4. The PoseASL dataset consists of color and depth videos collected from ASL signers at the Linguistic and Assistive Technologies Laboratory under the direction of Matt Huenerfauth, as part of a collaborative research project with researchers at the Rochester Institute of Technology, Boston University, and the University of Pennsylvania. Access: After becoming an authorized user of Databrary, please contact Matt Huenerfauth if you have difficulty accessing this volume. We have collected a new dataset consisting of color and depth videos of fluent American Sign Language signers performing sequences ASL signs and sentences. Given interest among sign-recognition and other computer-vision researchers in red-green-blue-depth (RBGD) video, we release this dataset for use by the research community. In addition to the video files, we share depth data files from a Kinect v2 sensor, as well as additional motion-tracking files produced through post-processing of this data. Organization of the Dataset: The dataset is organized into sub-folders, with codenames such as "P01" or "P16" etc. These codenames refer to specific human signers who were recorded in this dataset. Please note that there was no participant P11 nor P14; those numbers were accidentally skipped during the process of making appointments to collect video stimuli. Task: During the recording session, the participant was met by a member of our research team who was a native ASL signer. No other individuals were present during the data collection session. After signing the informed consent and video release document, participants responded to a demographic questionnaire. Next, the data-collection session consisted of English word stimuli and cartoon videos. The recording session began with showing participants stimuli consisting of slides that displayed English word and photos of items, and participants were asked to produce the sign for each (PDF included in materials subfolder). Next, participants viewed three videos of short animated cartoons, which they were asked to recount in ASL: - Canary Row, Warner Brothers Merrie Melodies 1950 (the 7-minute video divided into seven parts) - Mr. Koumal Flies Like a Bird, Studio Animovaneho Filmu 1969 - Mr. Koumal Battles his Conscience, Studio Animovaneho Filmu 1971 The word list and cartoons were selected as they are identical to the stimuli used in the collection of the Nicaraguan Sign Language video corpora - see: Senghas, A. (1995). Children’s Contribution to the Birth of Nicaraguan Sign Language. Doctoral dissertation, Department of Brain and Cognitive Sciences, MIT. Demographics: All 14 of our participants were fluent ASL signers. As screening, we asked our participants: Did you use ASL at home growing up, or did you attend a school as a very young child where you used ASL? All the participants responded affirmatively to this question. A total of 14 DHH participants were recruited on the Rochester Institute of Technology campus. Participants included 7 men and 7 women, aged 21 to 35 (median = 23.5). All of our participants reported that they began using ASL when they were 5 years old or younger, with 8 reporting ASL use since birth, and 3 others reporting ASL use since age 18 months. Filetypes: *.avi, *_dep.bin: The PoseASL dataset has been captured by using a Kinect 2.0 RGBD camera. The output of this camera system includes multiple channels which include RGB, depth, skeleton joints (25 joints for every video frame), and HD face (1,347 points). The video resolution produced in 1920 x 1080 pixels for the RGB channel and 512 x 424 pixels for the depth channels respectively. Due to limitations in the acceptable filetypes for sharing on Databrary, it was not permitted to share binary *_dep.bin files directly produced by the Kinect v2 camera system on the Databrary platform. If your research requires the original binary *_dep.bin files, then please contact Matt Huenerfauth. *_face.txt, *_HDface.txt, *_skl.txt: To make it easier for future researchers to make use of this dataset, we have also performed some post-processing of the Kinect data. To extract the skeleton coordinates of the RGB videos, we used the Openpose system, which is capable of detecting body, hand, facial, and foot keypoints of multiple people on single images in real time. The output of Openpose includes estimation of 70 keypoints for the face including eyes, eyebrows, nose, mouth and face contour. The software also estimates 21 keypoints for each of the hands (Simon et al, 2017), including 3 keypoints for each finger, as shown in Figure 2. Additionally, there are 25 keypoints estimated for the body pose (and feet) (Cao et al, 2017; Wei et al, 2016). Reporting Bugs or Errors: Please contact Matt Huenerfauth to report any bugs or errors that you identify in the corpus. We appreciate your help in improving the quality of the corpus over time by identifying any errors. Acknowledgement: This material is based upon work supported by the National Science Foundation under award 1749376: "Collaborative Research: Multimethod Investigation of Articulatory and Perceptual Constraints on Natural Language Evolution."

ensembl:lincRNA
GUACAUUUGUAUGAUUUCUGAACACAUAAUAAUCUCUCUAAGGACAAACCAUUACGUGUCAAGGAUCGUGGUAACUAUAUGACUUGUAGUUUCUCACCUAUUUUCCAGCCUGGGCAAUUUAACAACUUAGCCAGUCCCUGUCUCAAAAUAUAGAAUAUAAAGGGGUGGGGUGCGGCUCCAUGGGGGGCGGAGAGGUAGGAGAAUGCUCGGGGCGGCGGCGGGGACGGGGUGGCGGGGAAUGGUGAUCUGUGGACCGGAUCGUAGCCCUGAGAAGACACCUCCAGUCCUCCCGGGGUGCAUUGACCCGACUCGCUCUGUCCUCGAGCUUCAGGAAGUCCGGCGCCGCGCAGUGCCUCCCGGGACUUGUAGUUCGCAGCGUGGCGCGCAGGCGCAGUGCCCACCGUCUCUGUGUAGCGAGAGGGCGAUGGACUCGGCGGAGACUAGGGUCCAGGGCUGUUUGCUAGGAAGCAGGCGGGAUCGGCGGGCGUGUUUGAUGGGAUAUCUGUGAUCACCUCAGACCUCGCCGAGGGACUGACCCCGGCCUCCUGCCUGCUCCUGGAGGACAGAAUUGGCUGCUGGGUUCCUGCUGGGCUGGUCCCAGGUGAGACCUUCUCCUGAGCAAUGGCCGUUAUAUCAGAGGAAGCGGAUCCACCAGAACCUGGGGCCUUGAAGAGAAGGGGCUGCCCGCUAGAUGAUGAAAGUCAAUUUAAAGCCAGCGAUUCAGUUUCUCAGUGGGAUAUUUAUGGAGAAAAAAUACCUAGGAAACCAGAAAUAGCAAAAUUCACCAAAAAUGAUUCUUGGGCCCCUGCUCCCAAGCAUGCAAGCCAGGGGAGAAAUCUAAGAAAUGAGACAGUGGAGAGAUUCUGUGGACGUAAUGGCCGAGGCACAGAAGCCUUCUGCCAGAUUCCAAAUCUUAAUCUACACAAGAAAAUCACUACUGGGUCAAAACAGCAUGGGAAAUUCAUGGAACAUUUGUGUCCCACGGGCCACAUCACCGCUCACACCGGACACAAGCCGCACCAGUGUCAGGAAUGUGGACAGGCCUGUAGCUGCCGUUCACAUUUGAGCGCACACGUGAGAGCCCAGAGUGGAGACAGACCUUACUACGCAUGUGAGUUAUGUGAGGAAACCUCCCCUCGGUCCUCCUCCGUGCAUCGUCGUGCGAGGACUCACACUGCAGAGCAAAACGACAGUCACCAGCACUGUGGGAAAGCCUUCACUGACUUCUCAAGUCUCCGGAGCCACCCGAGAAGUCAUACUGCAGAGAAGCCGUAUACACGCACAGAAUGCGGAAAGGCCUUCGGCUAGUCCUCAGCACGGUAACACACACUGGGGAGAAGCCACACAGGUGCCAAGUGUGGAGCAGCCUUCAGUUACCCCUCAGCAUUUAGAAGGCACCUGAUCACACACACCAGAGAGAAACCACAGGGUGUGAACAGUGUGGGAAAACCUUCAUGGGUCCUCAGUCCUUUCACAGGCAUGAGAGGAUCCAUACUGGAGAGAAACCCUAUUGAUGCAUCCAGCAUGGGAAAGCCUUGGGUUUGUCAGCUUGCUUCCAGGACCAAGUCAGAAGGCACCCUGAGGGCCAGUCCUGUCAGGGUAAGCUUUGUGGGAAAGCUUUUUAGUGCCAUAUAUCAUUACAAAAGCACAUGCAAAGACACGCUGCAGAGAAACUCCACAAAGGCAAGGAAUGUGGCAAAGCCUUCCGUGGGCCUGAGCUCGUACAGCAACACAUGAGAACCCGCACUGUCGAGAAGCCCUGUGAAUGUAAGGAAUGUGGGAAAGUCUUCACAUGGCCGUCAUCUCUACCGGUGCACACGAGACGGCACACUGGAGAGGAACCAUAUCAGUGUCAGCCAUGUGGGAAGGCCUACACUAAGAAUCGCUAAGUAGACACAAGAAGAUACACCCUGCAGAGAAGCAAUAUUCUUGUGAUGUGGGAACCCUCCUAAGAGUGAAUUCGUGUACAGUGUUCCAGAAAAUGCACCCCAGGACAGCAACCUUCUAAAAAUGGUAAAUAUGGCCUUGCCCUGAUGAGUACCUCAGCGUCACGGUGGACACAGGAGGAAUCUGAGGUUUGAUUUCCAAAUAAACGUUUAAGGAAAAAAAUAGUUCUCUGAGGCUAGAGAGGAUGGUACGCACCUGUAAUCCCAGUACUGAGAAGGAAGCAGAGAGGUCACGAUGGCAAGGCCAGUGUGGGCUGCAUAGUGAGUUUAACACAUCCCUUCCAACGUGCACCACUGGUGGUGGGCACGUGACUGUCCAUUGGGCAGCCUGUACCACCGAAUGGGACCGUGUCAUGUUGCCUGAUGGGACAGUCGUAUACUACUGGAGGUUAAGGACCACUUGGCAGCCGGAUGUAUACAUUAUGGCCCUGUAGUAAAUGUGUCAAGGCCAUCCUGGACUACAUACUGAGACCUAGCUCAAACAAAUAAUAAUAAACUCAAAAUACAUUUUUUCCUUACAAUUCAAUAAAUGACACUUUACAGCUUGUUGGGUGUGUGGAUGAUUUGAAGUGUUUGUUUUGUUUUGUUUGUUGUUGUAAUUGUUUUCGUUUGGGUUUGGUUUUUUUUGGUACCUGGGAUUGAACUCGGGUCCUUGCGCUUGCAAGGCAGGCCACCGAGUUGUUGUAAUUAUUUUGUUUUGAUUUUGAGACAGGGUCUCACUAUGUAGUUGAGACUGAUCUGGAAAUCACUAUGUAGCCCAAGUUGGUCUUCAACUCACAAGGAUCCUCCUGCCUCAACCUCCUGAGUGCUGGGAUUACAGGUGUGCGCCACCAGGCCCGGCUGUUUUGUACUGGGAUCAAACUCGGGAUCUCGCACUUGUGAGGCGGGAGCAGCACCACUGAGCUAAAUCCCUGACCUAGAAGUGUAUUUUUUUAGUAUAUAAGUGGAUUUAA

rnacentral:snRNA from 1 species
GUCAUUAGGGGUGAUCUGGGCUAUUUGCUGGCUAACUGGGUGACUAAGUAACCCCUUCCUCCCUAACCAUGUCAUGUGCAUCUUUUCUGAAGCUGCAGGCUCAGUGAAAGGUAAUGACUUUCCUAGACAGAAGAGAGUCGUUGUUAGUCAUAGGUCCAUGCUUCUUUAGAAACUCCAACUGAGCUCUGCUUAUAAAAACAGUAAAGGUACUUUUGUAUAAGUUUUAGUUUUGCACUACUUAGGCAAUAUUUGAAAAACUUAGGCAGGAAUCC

more » « less
  5. Abstract  
    more » « less